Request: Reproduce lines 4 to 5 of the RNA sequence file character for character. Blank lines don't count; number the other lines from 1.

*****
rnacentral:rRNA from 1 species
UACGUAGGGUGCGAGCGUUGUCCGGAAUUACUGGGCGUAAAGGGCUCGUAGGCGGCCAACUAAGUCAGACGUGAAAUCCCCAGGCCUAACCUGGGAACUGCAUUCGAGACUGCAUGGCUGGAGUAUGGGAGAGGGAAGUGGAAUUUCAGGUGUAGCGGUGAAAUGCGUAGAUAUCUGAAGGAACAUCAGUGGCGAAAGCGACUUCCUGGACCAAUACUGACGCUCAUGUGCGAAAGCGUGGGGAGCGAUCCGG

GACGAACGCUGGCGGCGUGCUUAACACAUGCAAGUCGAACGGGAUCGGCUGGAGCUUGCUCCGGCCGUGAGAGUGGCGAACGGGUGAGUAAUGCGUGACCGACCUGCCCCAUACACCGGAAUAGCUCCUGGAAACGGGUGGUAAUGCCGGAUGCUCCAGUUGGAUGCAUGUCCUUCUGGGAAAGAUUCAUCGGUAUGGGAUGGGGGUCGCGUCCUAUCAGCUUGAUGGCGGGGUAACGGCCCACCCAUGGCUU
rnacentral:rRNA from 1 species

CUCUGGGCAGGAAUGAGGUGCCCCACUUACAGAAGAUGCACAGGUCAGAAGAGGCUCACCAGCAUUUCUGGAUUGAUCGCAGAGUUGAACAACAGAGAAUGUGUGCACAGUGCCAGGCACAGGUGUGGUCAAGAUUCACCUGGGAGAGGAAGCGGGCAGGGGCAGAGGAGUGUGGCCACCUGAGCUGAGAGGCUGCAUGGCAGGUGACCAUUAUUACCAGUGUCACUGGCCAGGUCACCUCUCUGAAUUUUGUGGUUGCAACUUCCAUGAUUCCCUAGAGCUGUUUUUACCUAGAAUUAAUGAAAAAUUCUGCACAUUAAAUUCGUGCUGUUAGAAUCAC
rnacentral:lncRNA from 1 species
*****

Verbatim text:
rnacentral:rRNA from 1 species

CUCUGGGCAGGAAUGAGGUGCCCCACUUACAGAAGAUGCACAGGUCAGAAGAGGCUCACCAGCAUUUCUGGAUUGAUCGCAGAGUUGAACAACAGAGAAUGUGUGCACAGUGCCAGGCACAGGUGUGGUCAAGAUUCACCUGGGAGAGGAAGCGGGCAGGGGCAGAGGAGUGUGGCCACCUGAGCUGAGAGGCUGCAUGGCAGGUGACCAUUAUUACCAGUGUCACUGGCCAGGUCACCUCUCUGAAUUUUGUGGUUGCAACUUCCAUGAUUCCCUAGAGCUGUUUUUACCUAGAAUUAAUGAAAAAUUCUGCACAUUAAAUUCGUGCUGUUAGAAUCAC